BRANDY C et al v. PALMER, No. 4:2017cv00226 - Document 93 (N.D. Fla. 2018)

Court Description: ORDER granting 58 Defendant's Motion for Summary Judgment; denying 61 Plaintiffs' Motion for Summary Judgment; denying as moot 60 Motion to Certify Class; denying as moot 81 Motion in Limine. Signed by JUDGE ROBERT L HINKLE on 9/29/18. (RH)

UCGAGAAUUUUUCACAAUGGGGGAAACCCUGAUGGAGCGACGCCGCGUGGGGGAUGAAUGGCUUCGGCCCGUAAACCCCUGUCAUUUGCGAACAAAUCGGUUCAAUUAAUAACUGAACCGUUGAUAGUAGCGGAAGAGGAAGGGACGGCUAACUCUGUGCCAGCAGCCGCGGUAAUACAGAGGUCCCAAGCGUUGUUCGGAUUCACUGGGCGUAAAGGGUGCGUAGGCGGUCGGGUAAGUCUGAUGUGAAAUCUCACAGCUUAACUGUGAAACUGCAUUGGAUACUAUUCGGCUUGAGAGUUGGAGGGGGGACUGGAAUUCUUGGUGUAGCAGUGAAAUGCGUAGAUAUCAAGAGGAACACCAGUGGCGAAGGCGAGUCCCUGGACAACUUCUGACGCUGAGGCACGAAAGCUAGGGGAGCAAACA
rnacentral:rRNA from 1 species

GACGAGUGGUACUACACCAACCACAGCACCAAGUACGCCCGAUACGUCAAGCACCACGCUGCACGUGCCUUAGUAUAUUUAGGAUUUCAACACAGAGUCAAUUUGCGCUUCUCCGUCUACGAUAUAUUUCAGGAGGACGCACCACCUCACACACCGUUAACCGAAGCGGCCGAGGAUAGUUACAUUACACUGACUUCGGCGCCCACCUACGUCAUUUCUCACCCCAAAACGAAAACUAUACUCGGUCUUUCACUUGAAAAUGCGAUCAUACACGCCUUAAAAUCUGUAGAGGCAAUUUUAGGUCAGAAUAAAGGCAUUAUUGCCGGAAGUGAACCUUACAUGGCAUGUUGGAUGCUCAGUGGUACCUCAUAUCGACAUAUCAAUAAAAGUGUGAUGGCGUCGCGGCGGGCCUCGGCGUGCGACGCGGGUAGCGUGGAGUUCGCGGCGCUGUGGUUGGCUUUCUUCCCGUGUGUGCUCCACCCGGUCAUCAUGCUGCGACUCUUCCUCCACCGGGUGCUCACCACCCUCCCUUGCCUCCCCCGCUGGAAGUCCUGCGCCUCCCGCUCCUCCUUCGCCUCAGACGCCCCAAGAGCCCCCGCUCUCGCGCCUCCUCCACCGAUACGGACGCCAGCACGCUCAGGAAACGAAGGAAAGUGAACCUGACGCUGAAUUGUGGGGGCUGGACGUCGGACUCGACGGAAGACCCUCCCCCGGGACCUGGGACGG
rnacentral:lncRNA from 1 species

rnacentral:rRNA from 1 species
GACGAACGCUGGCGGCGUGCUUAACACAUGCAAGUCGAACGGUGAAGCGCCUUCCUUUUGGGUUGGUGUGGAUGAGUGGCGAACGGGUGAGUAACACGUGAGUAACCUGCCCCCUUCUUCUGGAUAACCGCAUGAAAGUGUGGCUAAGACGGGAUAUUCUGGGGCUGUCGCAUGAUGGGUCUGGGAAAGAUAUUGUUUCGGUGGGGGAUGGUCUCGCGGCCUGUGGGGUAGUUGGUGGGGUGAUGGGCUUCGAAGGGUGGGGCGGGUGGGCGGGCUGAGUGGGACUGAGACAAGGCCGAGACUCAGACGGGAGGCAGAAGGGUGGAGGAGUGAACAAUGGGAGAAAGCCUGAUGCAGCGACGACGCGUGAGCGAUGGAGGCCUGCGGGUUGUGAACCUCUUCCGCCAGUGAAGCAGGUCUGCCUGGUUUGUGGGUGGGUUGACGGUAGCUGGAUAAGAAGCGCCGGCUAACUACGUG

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BRANDY C et al v. PALMER Doc. 93 Page 1 of 6 IN THE UNITED STATES DISTRICT COURT FOR THE NORTHERN DISTRICT OF FLORIDA TALLAHASSEE DIVISION BRANDY C. et al., Plaintiffs, v. CASE NO. 4:17cv226-RH/CAS BARBARA PALMER, in her official capacity as Director of the AGENCY FOR PERSONS WITH DISABILITIES, Defendant. _________________________________/ ORDER GRANTING SUMMARY JUDGMENT The plaintiffs are individuals with substantial disabilities. They receive benefits from the State of Florida through its Agency for Persons with Disabilities. Under Olmstead v. L.C. ex rel. Zimring, 527 U.S. 581 (1999), a state violates the Americans with Disabilities Act if it unnecessarily isolates disabled individuals in institutions as a condition of providing them public assistance. The same standard applies under the Rehabilitation Act of 1973 to a state program that receives federal funds. See 29 U.S.C. § 794(a). Case No. 4:17cv226-RH/CAS Dockets.Justia.com Page 2 of 6 The plaintiffs brought this proposed class action against the Agency’s Secretary in her official capacity. The plaintiffs assert that the Agency has put the plaintiffs at risk of institutionalization because of its recently adopted “iBudget” system for determining an individual’s benefits. The plaintiffs assert this violates the Olmstead principle and entitles the plaintiffs to relief under the ADA and Rehabilitation Act. The plaintiffs further assert that the Agency’s form of notice of an individual’s right to a hearing on the benefit determination is deficient, thus violating the Due Process Clause and entitling the plaintiffs to relief under 42 U.S.C. § 1983. Each side has moved for summary judgment. This order grants the Secretary’s motion and denies the plaintiffs’. Under the challenged system, an algorithm is used to determine an iBudget amount that sets a floor on the amount an individual may receive. An individual may, and many individuals do, obtain an individually determined additional amount, labeled “Significant Additional Needs” or “SANs” funding. If dissatisfied with a SANs determination, an individual is entitled to a hearing. A detailed, multipage notice advises the individual of the right to a hearing. An individual’s funding is never set below the iBudget amount and is never decreased while the SANs process goes forward. For an individual who requests a Case No. 4:17cv226-RH/CAS Page 3 of 6 hearing, funding is never decreased until the hearing has been concluded and a final determination has been made. The plaintiffs’ central assertion is that the iBudget algorithm is fatally flawed. Well qualified experts on each side have taken contrary positions on this issue. If this case turned on whether the iBudget algorithm is or is not well conceived—on whether the algorithm does or does not provide a useful estimate of an individual’s proper benefit—the case could not properly be resolved on summary judgment. But the iBudget amount is a starting point that cannot be evaluated separately from SANs funding. What ultimately matters is not how a state arrives at a benefit amount but whether the state provides an adequate benefit. There is nothing in the iBudget-plus-SANs methodology that indicates funding for any individual will be deficient. To be sure, the plaintiffs are individuals who face enormous hardships. They assert, and it undoubtedly is true, that uncertainty itself imposes an emotional burden. To the extent feasible, a system under which benefits are provided to individuals like these should be easy to navigate and should assure the availability of adequate benefits—assurance over and above that provided by the Olmstead principle and its enforceability in federal court. Even so, if risk itself, unaccompanied by an actual or imminent or likely denial of adequate benefits, becomes actionable at some level, that level has not been reached here. The Case No. 4:17cv226-RH/CAS Page 4 of 6 iBudget-plus-SANs methodology, if properly implemented, will not violate the ADA or Rehabilitation Act. The plaintiffs have not shown that any individual—any named plaintiff or proposed class member—has lost funding or is likely to lose funding because of the iBudget-plus-SANS methodology. The speculative risk that at some future point some individual might lose funding is not a basis for recovery and indeed does not even provide standing. See, e.g., City of Los Angeles v. Lyons, 461 U.S. 95, 102, 111 (1983) (holding that a person who had been subjected to a chokehold in the past had no standing to seek injunctive relief against the city’s practice of using chokeholds because there was not a “sufficient likelihood that he will again be wronged in a similar way”); Malowney v. Fed. Collection Deposit Grp., 193 F.3d 1342, 1346 (11th Cir. 1999). The plaintiffs have standing here because their challenge goes beyond the prospective loss of funding; they challenge a system that is actively being applied to the plaintiffs themselves. Still, the Lyons principle is relevant; it confirms that a speculative risk is not a basis for recovery. At a recent status conference, the plaintiffs asserted that a class member did not receive a sufficient increase in benefits and that this led to institutionalization. The summary-judgment record does not include evidence supporting that assertion. More importantly, through three amended complaints, the plaintiffs’ focus has been on the iBudget-plus-SANs system, the allegedly flawed algorithm that is the Case No. 4:17cv226-RH/CAS Page 5 of 6 system’s starting point, and the risk that individuals will suffer a decrease in benefits as a result. The plaintiffs have not asserted and could not plausibly assert that determining benefits through individual hearings violates the ADA or Rehabilitation Act, at least so long as the hearings turn on appropriate substantive standards. Nor could a challenge to one individual’s outcome, without more, provide a basis for classwide relief of the kind the plaintiffs seek. That an individual has suffered, and others may suffer, improper SANs determinations in violation of the ADA and Rehabilitation Act may provide a basis for relief, even classwide relief, in an appropriate action, but that is not the claim asserted in the third amended complaint. The Secretary thus is entitled to summary judgment on the ADA and Rehabilitation Act claims. The Secretary also is entitled to summary judgment on the claim that her form of notice violates the Due Process Clause. The notice is not perfect, but it is constitutionally adequate. For these reasons, IT IS ORDERED: 1. The Secretary’s summary-judgment motion, ECF No. 58, is granted. 2. The plaintiffs’ summary-judgment motion, ECF No. 61, is denied. 3. The clerk must enter judgment stating, “This action was resolved on a summary-judgment motion. It is ordered that the named plaintiffs recover nothing Case No. 4:17cv226-RH/CAS Page 6 of 6 on their claims against the defendant Secretary of the Agency for Persons with Disabilities in her official capacity. The claims are dismissed on the merits.” 4. The plaintiffs’ motion to certify a class, ECF No. 60, and motion to exclude expert testimony, ECF No. 81, are denied as moot. SO ORDERED on September 29, 2018. s/Robert L. Hinkle United States District Judge Case No. 4:17cv226-RH/CAS